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You might be alarmed at what you find in the bankruptcy records for a medical company or a physician. Here are a few things that have alarmed me.

  • Patient records, with birth dates and social security numbers.
  • Charts showing detailed histories of visits, procedures and lab workups over decades.
  • Pathology lab reports.

Why would you find all these things mixed in with more mundane financial records showing the sums various people are owed?

Picture of Adriana Venegas-Chavez

Primary care may give way to specialization

Picture of Adriana Venegas-Chavez

Part 1: Innovative ways are sought to get patients to follow their treatment 

Picture of William Heisel

I started listing my favorite stories of the past year, in no particular order, on Dec. 21. Here is the rest of the list.

At VA Hospital, A Rogue Cancer Unit,” Walt Bogdanich, The New York Times

Picture of William Heisel

Last week, Antidote spoke with Dr. Doris K. Cope, a seasoned anesthesiologist and pain medicine specialist from the University of Pittsburgh Medical Center who is one of the voices behind the new Life Line to Modern Medicine campaign from the American Society of Anesthesiologists.

Picture of Barbara Feder Ostrov

It sometimes seems like it takes a high-profile case like Terri Schiavo to get people to think about end-of-life issues – or editors to agree to stories on the topic.

Picture of William Heisel

For Mark Campano’s entire career as an anesthesiologist, other doctors worried that he was a bomb waiting to go off. They saw him showing up for work drowsy and agitated from weeks of caffeinated days and alcohol-soaked nights. They counseled him about his drug abuse and urged him to stop.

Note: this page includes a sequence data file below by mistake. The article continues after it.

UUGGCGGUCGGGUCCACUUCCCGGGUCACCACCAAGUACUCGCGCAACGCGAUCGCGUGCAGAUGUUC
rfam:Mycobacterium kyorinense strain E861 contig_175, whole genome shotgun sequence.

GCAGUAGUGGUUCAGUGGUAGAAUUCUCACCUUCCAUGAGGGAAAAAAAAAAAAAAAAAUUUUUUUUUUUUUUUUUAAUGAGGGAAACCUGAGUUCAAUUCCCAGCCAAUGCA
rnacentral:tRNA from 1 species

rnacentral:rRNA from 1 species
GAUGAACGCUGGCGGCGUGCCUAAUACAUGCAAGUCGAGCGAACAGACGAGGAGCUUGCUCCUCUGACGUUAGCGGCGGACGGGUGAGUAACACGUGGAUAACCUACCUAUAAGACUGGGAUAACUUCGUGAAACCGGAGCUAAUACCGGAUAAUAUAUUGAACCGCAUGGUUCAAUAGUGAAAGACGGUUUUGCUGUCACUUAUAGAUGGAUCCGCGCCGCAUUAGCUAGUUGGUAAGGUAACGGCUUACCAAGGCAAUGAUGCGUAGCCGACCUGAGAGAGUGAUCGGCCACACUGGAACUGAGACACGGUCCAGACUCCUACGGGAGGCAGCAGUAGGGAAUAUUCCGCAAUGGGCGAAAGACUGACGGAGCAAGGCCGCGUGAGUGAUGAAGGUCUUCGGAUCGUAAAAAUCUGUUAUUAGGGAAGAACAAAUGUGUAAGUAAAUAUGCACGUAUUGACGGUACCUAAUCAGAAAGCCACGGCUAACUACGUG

Picture of William Heisel


Some doctors crave distinction.

They carefully place their many diplomas and certificates on their wall to signal to patients that they are high achievers who can be trusted with surgical instruments and drugs that can cure or kill you, depending on how they are dosed.

Michail Sorodsky craved the distinction of being a doctor. Instead, he now has the distinction of being thrown into jail with a massive bail: $33 million.

Picture of Peter Lipson

With over 60% of Americans looking to the internet for health information, the question for those of us who care about health is, "how do we increase the chances of people finding good information?" There are a few components to this question. First, what kind of information is available? Second, how is it found? And third, who is producing it, and for what purpose? Here are a few observations which are, unfortunately, not yet supported by data, but may serve as a starting point for future discussion.

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